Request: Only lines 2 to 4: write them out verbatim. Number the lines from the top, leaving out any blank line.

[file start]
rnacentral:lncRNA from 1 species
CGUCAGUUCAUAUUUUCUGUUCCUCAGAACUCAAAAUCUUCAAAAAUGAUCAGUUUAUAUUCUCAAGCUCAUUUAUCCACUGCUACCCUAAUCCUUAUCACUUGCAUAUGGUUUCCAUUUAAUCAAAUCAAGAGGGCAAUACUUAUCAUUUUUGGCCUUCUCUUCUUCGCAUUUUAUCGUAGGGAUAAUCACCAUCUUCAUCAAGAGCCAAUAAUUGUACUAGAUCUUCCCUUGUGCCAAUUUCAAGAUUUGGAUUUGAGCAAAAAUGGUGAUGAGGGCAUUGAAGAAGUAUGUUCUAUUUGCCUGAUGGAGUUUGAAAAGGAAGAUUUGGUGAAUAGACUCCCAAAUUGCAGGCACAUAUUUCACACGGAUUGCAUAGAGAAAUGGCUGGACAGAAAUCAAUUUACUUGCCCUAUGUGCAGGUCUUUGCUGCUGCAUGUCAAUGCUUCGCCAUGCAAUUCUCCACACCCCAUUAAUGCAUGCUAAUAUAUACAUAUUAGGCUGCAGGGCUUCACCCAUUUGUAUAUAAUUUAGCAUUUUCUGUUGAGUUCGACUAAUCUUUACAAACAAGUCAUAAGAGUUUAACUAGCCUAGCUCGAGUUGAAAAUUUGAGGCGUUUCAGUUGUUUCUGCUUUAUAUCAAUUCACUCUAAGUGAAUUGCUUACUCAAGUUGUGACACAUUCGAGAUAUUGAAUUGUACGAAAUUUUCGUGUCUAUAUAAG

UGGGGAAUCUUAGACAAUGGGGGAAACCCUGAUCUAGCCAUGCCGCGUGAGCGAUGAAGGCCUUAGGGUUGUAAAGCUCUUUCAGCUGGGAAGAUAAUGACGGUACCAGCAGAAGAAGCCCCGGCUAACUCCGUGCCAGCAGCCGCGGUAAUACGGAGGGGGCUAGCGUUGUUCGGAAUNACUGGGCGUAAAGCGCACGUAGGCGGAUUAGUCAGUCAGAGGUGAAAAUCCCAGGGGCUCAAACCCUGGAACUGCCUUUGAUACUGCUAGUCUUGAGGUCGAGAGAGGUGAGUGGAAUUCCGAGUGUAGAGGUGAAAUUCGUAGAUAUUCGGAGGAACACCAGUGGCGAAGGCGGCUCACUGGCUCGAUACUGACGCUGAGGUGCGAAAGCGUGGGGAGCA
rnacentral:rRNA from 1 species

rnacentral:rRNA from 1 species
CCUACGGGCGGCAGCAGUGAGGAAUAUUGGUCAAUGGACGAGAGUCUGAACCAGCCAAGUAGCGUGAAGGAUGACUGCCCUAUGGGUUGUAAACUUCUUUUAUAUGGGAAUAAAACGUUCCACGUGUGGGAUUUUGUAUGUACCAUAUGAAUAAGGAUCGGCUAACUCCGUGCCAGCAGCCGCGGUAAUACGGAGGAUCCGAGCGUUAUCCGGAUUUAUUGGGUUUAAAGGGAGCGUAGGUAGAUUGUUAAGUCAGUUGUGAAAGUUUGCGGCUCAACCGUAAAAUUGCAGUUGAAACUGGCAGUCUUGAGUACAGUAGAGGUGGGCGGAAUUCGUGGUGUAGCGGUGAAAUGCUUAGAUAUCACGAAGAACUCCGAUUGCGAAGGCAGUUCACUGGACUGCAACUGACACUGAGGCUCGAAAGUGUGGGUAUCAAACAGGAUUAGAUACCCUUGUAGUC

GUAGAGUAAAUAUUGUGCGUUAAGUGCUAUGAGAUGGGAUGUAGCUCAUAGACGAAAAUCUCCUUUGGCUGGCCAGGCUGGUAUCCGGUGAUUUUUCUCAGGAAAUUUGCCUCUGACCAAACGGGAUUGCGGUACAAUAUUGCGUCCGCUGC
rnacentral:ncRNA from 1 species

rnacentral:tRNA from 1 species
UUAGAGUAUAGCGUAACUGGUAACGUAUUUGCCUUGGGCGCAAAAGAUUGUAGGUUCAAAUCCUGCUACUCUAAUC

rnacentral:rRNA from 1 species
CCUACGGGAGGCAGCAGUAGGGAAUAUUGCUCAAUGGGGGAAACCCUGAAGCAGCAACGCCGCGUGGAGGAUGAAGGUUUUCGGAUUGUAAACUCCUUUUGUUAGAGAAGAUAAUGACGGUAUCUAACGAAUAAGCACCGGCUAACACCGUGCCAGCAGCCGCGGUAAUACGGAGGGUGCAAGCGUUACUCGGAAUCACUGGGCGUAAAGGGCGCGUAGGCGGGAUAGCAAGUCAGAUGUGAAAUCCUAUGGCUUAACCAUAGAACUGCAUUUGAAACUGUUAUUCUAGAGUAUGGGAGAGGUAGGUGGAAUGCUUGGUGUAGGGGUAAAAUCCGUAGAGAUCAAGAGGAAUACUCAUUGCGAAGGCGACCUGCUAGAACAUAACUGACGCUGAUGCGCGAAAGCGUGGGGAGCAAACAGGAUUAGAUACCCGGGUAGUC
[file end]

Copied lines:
CGUCAGUUCAUAUUUUCUGUUCCUCAGAACUCAAAAUCUUCAAAAAUGAUCAGUUUAUAUUCUCAAGCUCAUUUAUCCACUGCUACCCUAAUCCUUAUCACUUGCAUAUGGUUUCCAUUUAAUCAAAUCAAGAGGGCAAUACUUAUCAUUUUUGGCCUUCUCUUCUUCGCAUUUUAUCGUAGGGAUAAUCACCAUCUUCAUCAAGAGCCAAUAAUUGUACUAGAUCUUCCCUUGUGCCAAUUUCAAGAUUUGGAUUUGAGCAAAAAUGGUGAUGAGGGCAUUGAAGAAGUAUGUUCUAUUUGCCUGAUGGAGUUUGAAAAGGAAGAUUUGGUGAAUAGACUCCCAAAUUGCAGGCACAUAUUUCACACGGAUUGCAUAGAGAAAUGGCUGGACAGAAAUCAAUUUACUUGCCCUAUGUGCAGGUCUUUGCUGCUGCAUGUCAAUGCUUCGCCAUGCAAUUCUCCACACCCCAUUAAUGCAUGCUAAUAUAUACAUAUUAGGCUGCAGGGCUUCACCCAUUUGUAUAUAAUUUAGCAUUUUCUGUUGAGUUCGACUAAUCUUUACAAACAAGUCAUAAGAGUUUAACUAGCCUAGCUCGAGUUGAAAAUUUGAGGCGUUUCAGUUGUUUCUGCUUUAUAUCAAUUCACUCUAAGUGAAUUGCUUACUCAAGUUGUGACACAUUCGAGAUAUUGAAUUGUACGAAAUUUUCGUGUCUAUAUAAG

UGGGGAAUCUUAGACAAUGGGGGAAACCCUGAUCUAGCCAUGCCGCGUGAGCGAUGAAGGCCUUAGGGUUGUAAAGCUCUUUCAGCUGGGAAGAUAAUGACGGUACCAGCAGAAGAAGCCCCGGCUAACUCCGUGCCAGCAGCCGCGGUAAUACGGAGGGGGCUAGCGUUGUUCGGAAUNACUGGGCGUAAAGCGCACGUAGGCGGAUUAGUCAGUCAGAGGUGAAAAUCCCAGGGGCUCAAACCCUGGAACUGCCUUUGAUACUGCUAGUCUUGAGGUCGAGAGAGGUGAGUGGAAUUCCGAGUGUAGAGGUGAAAUUCGUAGAUAUUCGGAGGAACACCAGUGGCGAAGGCGGCUCACUGGCUCGAUACUGACGCUGAGGUGCGAAAGCGUGGGGAGCA
rnacentral:rRNA from 1 species